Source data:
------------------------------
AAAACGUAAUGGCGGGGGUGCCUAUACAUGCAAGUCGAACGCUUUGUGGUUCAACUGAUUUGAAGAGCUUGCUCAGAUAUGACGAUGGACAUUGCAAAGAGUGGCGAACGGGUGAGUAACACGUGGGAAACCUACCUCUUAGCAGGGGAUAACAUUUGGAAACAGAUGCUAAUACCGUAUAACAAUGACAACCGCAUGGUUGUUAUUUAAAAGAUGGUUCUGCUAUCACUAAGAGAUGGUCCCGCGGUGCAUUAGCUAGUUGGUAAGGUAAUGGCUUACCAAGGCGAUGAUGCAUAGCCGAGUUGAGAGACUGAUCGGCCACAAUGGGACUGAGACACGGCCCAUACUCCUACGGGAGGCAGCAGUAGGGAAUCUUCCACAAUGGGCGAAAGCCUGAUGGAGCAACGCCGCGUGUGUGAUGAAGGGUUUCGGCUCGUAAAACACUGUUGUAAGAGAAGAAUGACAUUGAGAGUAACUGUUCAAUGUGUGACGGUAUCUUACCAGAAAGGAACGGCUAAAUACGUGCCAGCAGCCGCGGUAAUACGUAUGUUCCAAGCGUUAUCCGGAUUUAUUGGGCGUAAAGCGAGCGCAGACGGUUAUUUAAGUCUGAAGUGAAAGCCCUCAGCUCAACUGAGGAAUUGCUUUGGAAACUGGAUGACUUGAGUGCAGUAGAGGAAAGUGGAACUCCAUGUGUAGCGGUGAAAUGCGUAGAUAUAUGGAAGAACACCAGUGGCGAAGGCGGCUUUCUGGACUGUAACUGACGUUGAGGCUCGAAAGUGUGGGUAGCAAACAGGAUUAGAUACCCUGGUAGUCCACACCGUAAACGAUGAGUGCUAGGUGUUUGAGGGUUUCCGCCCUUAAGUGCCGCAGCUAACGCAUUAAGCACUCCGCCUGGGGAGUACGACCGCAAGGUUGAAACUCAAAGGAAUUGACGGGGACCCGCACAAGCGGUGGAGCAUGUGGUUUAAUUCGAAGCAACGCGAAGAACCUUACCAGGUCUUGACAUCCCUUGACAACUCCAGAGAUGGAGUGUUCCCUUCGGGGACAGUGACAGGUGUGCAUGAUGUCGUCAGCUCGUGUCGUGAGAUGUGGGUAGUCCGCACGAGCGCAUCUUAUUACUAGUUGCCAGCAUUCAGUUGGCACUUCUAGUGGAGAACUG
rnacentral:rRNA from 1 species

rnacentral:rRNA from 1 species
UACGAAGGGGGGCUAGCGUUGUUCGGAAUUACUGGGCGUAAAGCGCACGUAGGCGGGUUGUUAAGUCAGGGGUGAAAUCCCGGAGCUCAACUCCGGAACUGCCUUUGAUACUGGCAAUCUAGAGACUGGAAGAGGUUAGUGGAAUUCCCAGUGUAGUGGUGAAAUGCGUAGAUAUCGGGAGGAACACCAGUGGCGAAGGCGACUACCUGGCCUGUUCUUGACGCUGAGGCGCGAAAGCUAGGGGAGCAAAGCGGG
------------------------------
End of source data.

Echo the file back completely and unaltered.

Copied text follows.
AAAACGUAAUGGCGGGGGUGCCUAUACAUGCAAGUCGAACGCUUUGUGGUUCAACUGAUUUGAAGAGCUUGCUCAGAUAUGACGAUGGACAUUGCAAAGAGUGGCGAACGGGUGAGUAACACGUGGGAAACCUACCUCUUAGCAGGGGAUAACAUUUGGAAACAGAUGCUAAUACCGUAUAACAAUGACAACCGCAUGGUUGUUAUUUAAAAGAUGGUUCUGCUAUCACUAAGAGAUGGUCCCGCGGUGCAUUAGCUAGUUGGUAAGGUAAUGGCUUACCAAGGCGAUGAUGCAUAGCCGAGUUGAGAGACUGAUCGGCCACAAUGGGACUGAGACACGGCCCAUACUCCUACGGGAGGCAGCAGUAGGGAAUCUUCCACAAUGGGCGAAAGCCUGAUGGAGCAACGCCGCGUGUGUGAUGAAGGGUUUCGGCUCGUAAAACACUGUUGUAAGAGAAGAAUGACAUUGAGAGUAACUGUUCAAUGUGUGACGGUAUCUUACCAGAAAGGAACGGCUAAAUACGUGCCAGCAGCCGCGGUAAUACGUAUGUUCCAAGCGUUAUCCGGAUUUAUUGGGCGUAAAGCGAGCGCAGACGGUUAUUUAAGUCUGAAGUGAAAGCCCUCAGCUCAACUGAGGAAUUGCUUUGGAAACUGGAUGACUUGAGUGCAGUAGAGGAAAGUGGAACUCCAUGUGUAGCGGUGAAAUGCGUAGAUAUAUGGAAGAACACCAGUGGCGAAGGCGGCUUUCUGGACUGUAACUGACGUUGAGGCUCGAAAGUGUGGGUAGCAAACAGGAUUAGAUACCCUGGUAGUCCACACCGUAAACGAUGAGUGCUAGGUGUUUGAGGGUUUCCGCCCUUAAGUGCCGCAGCUAACGCAUUAAGCACUCCGCCUGGGGAGUACGACCGCAAGGUUGAAACUCAAAGGAAUUGACGGGGACCCGCACAAGCGGUGGAGCAUGUGGUUUAAUUCGAAGCAACGCGAAGAACCUUACCAGGUCUUGACAUCCCUUGACAACUCCAGAGAUGGAGUGUUCCCUUCGGGGACAGUGACAGGUGUGCAUGAUGUCGUCAGCUCGUGUCGUGAGAUGUGGGUAGUCCGCACGAGCGCAUCUUAUUACUAGUUGCCAGCAUUCAGUUGGCACUUCUAGUGGAGAACUG
rnacentral:rRNA from 1 species

rnacentral:rRNA from 1 species
UACGAAGGGGGGCUAGCGUUGUUCGGAAUUACUGGGCGUAAAGCGCACGUAGGCGGGUUGUUAAGUCAGGGGUGAAAUCCCGGAGCUCAACUCCGGAACUGCCUUUGAUACUGGCAAUCUAGAGACUGGAAGAGGUUAGUGGAAUUCCCAGUGUAGUGGUGAAAUGCGUAGAUAUCGGGAGGAACACCAGUGGCGAAGGCGACUACCUGGCCUGUUCUUGACGCUGAGGCGCGAAAGCUAGGGGAGCAAAGCGGG